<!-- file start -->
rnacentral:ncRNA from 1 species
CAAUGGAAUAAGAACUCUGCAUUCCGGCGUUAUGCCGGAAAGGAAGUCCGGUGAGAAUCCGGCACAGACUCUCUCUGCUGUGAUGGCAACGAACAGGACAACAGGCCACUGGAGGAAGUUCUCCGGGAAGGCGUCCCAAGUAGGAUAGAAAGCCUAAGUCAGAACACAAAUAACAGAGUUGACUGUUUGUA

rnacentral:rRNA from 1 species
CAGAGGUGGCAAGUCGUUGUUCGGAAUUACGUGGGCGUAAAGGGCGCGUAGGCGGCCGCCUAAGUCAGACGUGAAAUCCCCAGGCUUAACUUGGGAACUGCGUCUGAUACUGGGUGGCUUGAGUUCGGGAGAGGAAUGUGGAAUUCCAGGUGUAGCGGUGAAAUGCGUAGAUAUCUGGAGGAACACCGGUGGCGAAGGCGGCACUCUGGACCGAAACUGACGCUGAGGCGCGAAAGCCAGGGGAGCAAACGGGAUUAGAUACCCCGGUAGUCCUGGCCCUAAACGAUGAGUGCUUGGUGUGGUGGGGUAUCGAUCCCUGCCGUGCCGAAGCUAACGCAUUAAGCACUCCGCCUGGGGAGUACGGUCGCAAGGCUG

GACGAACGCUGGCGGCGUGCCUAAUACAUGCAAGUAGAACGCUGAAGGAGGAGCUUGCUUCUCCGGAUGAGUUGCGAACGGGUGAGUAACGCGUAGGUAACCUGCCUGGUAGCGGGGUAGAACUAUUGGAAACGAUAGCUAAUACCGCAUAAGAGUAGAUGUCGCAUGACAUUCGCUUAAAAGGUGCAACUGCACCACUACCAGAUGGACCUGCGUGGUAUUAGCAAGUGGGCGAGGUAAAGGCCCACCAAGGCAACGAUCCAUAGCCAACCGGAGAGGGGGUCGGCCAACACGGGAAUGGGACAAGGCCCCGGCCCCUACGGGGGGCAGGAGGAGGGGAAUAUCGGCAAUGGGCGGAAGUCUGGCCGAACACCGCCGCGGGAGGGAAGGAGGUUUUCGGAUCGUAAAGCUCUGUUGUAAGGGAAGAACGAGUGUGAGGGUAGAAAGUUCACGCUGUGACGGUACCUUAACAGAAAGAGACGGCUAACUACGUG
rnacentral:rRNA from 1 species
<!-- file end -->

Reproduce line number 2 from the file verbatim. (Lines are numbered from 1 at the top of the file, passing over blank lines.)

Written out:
CAAUGGAAUAAGAACUCUGCAUUCCGGCGUUAUGCCGGAAAGGAAGUCCGGUGAGAAUCCGGCACAGACUCUCUCUGCUGUGAUGGCAACGAACAGGACAACAGGCCACUGGAGGAAGUUCUCCGGGAAGGCGUCCCAAGUAGGAUAGAAAGCCUAAGUCAGAACACAAAUAACAGAGUUGACUGUUUGUA